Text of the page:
I like Old Things


There was a time, long ago, when things were made to last, were built with intention, and used with care. These things have a soul I relate with. It’s as if they are time capsules themselves waiting to retell their long lost stories of ingenuity, hard work, resourcefulness, and imagination. Or, at least, I want them to. 

Perusing our local thrift shops is one of my favorite past times. I never know what I will find to admire and wonder about. When I do find worthy treasures, I image myself writing stories that will bring them back to life. I wonder about the people who used them, and how. I believe they knew, in intricate detail, how to make from scratch, do it by hand, and appreciate the slow carefulness of making it well. Although my plot lines usually trail off before making it home, I'm sure that my treasures will eventually speak again.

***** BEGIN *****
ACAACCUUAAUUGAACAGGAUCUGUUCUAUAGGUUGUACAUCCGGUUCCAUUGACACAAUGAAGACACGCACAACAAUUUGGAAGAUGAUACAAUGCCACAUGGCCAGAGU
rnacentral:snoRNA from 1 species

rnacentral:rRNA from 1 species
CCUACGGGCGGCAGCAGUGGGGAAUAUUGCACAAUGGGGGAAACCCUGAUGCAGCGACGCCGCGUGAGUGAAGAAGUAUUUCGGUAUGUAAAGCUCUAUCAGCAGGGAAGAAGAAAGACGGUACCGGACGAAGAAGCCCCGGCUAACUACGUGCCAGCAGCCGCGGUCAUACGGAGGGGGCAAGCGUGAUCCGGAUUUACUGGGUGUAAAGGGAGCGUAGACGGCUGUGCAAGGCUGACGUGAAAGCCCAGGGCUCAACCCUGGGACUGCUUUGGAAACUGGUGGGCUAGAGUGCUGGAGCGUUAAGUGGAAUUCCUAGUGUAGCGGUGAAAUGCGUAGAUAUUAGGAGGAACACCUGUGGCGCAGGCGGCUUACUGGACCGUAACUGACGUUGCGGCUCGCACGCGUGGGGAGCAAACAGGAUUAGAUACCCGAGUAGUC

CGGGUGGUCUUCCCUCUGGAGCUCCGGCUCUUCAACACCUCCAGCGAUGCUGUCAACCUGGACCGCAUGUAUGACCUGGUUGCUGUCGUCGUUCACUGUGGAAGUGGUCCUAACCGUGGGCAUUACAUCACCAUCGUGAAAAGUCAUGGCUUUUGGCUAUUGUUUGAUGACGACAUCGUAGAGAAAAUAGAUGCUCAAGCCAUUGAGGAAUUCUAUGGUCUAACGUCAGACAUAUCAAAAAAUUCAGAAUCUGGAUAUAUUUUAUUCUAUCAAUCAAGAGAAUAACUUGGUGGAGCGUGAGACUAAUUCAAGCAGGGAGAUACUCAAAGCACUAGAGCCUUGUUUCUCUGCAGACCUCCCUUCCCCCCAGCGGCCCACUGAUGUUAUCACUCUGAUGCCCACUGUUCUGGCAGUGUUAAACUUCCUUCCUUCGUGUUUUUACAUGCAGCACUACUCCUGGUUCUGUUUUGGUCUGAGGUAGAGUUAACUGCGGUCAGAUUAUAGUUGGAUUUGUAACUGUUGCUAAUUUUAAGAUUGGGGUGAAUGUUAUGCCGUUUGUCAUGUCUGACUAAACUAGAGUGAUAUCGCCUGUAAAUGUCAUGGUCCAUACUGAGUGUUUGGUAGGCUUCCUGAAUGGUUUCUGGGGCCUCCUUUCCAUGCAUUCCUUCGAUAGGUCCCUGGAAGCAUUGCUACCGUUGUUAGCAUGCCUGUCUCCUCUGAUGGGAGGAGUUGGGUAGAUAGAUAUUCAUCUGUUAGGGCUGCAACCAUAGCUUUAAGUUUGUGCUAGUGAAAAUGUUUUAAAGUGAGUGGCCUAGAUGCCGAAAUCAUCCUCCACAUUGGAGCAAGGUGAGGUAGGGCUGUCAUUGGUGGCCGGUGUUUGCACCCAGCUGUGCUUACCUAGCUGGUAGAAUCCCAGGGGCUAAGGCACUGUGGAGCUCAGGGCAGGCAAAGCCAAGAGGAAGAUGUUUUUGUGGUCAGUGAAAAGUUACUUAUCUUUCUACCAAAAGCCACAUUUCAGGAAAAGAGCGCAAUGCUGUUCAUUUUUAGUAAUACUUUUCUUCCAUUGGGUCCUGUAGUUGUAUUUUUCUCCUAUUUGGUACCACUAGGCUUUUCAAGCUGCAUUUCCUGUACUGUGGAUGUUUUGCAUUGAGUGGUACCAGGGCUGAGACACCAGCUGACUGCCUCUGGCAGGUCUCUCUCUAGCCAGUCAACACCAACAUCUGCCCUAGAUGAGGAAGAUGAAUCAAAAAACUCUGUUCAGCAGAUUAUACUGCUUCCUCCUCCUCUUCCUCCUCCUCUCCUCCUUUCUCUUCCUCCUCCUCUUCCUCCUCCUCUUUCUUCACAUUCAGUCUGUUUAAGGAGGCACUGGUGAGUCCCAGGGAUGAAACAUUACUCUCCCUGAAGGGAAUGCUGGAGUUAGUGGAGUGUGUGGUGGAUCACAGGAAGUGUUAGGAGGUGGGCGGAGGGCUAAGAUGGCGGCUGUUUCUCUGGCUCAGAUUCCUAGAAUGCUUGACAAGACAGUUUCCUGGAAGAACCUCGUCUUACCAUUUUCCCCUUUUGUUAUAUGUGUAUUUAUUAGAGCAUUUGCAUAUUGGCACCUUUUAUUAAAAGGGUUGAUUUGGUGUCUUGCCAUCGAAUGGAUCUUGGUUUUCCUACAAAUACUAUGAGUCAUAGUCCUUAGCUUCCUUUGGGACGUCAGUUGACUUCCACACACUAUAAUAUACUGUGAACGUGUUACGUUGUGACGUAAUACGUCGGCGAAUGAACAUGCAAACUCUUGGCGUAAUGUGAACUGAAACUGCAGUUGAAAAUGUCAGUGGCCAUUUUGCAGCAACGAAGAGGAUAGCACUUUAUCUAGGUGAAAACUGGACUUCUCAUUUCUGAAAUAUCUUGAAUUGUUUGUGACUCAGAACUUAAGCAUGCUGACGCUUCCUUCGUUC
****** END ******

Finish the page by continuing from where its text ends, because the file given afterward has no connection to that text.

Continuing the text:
I am quite convinced that the way of the future will have deep roots in our treasured past. At least I hope it will.

Old bobbin book spool of thread and clothing


1 comment


  • Stephany Wilkes

    I love this post, and that you included a sewing machine manual. (Hi, it’s Stephany from wool classing.) I was using a 1960s Kenmore sewing machine, inherited from my mother-in-law, last night. It’s such a constant collection of contrast to my modern Janome, which is good… by today’s standards. Which means it can’t hold a candle to my Kenmore (save for the assisted needle threading, I’ll give it that). The Kenmore is heavy, smells faintly of motor oil (I love that), and came with beautiful, well made, finely tooled accessories. It has, in its lifetime, needed one repair — once. And the manual — oh, the manual. Impeccable grammar, top-notch technical writing, everything that matters most succinctly presented, nothing superfluous. I cannot say the same of most online documentation these days.


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